The Chowanoc tribe was eventually absorbed into the Tuscarora. The Eno tribe was also associated with the Shakori tribe and was later absorbed by the Catawba or the Saponi tribes. Today one group is known as the Haliwa-Saponi tribe. From the early 1600s to the middle 1700s European colonists reported encounters with gray-eyed American Indians or with Welsh-speaking Indians who claimed descent from the colonists. In 1669 a Welsh cleric named Morgan Jones was taken captive by the Tuscarora. He feared for his life, but a visiting Doeg Indian war captain spoke to him in Welsh and assured him that he would not be killed. The Doeg warrior ransomed Jones and his party and Jones remained with their tribe for months as a preacher. In 1701, surveyor John Lawson encountered members of the Hatteras tribe living on Roanoke Island who claimed some of their ancestors were white people. Lawson wrote that several of the Hatteras tribesmen had gray eyes. Some present-day American Indian tribes in North Carolina and South Carolina, among them the Coree and the Lumbee tribes, also claim partial descent from surviving Roanoke colonists. A non-profit organization, the Lost Colony of Roanoke DNA Project, has launched a Lost Colony DNA Project to test possible descendants.

 

Eleanor Dare Stones

From 1937 until 1941, the so-called "Dare Stones" were in the news. The 48 carved stones were allegedly found in northern Georgia and the Carolinas. The first bore an announcement of the death of Virginia Dare and her father, Ananias Dare, at the hands of "savages" in 1591. Later stones, brought in by various people, told a complicated tale of the fate of the Lost Colony. Later stones, each addressed to John White and signed with the name of Virginia's mother, Eleanor, called for revenge against the "savages" or gave her father the direction taken by the survivors. A stone dated 1592 indicated the survivors had reached a sanctuary in the Nachoochee Valley area and lived there in "primeval splendor." Another stone, dated 1598, indicated that Eleanor had married the "king" of the tribe, while another said she had borne the chief a daughter, the tribe was angry, and asked for White to send the infant girl to England. A stone dated 1599 announced Eleanor Dare's death and said she had left behind a daughter named Agnes.

Professor Haywood Pearce Jr. of Brenau College (now Brenau University) in Gainesville, Georgia, believed in the stones, and his views won over some well-known historians, according to contemporary press accounts.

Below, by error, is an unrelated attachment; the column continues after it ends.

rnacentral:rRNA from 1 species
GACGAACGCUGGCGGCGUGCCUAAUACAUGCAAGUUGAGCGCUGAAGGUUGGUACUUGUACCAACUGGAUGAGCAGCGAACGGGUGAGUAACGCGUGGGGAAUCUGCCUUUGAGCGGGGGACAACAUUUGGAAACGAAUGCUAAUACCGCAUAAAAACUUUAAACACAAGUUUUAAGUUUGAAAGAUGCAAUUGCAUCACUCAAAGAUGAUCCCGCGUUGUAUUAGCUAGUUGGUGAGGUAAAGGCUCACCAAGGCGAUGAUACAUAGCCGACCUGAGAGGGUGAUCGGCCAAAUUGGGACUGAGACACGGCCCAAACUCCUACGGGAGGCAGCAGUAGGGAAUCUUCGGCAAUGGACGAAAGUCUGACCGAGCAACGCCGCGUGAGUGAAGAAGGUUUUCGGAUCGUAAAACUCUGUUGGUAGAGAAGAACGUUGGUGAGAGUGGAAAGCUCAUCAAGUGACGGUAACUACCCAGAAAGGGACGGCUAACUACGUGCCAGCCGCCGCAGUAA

But a 1941 article by journalist Boyden Sparks in The Saturday Evening Post attacked the story, pointing to improbabilities in the stones' account and producing evidence that the "discoverers" were hoaxers. Pearce and the other scholars were not implicated in fraud, and no legal action was ever taken, but all of them renounced belief in the stones. Sparks theorized that the fakery was inspired by the 1937 publicity in North Carolina surrounding the 350th anniversary of the Lost Colony. Today, Brenau keeps the Dare Stones as a sort of 20th-century media curiosity, but generally does not display them or publicize their existence. The stones have a few supporters today, most notably Robert W. White, whose book A Witness For Eleanor Dare insists they were genuine and that criticism of them was false.

 

Symbolism

In the more than four hundred years since her birth, Virginia Dare has become a prominent figure in American myth and folklore, representing different things to different people. A 2000 article in the Piedmont Triad, North Carolina News and Record noted that, for many Americans, particularly Southerners, she symbolizes innocence and purity, "new beginnings, promise, and hope" as well as "adventure and bravery" in a new land. She also symbolizes mystery because of her mysterious fate. For some residents of North Carolina, she has been an important symbol of the state and the desire to keep it predominantly European-American. In the 1920s, a group that opposed suffrage for women feared that black women would get the vote. One group in Raleigh, North Carolina urged "that North Carolina remain white ... in the name of Virginia Dare."Today Virginia Dare's name is used for the anti-illegal-immigration group The VDARE Project.

Some people also see her as a symbol of women's rights. In the 1980s feminists in North Carolina called for state residents to approve the Equal Rights Amendment and "Honor Virginia Dare."

Source: encyclopedia.thefreedictionary.com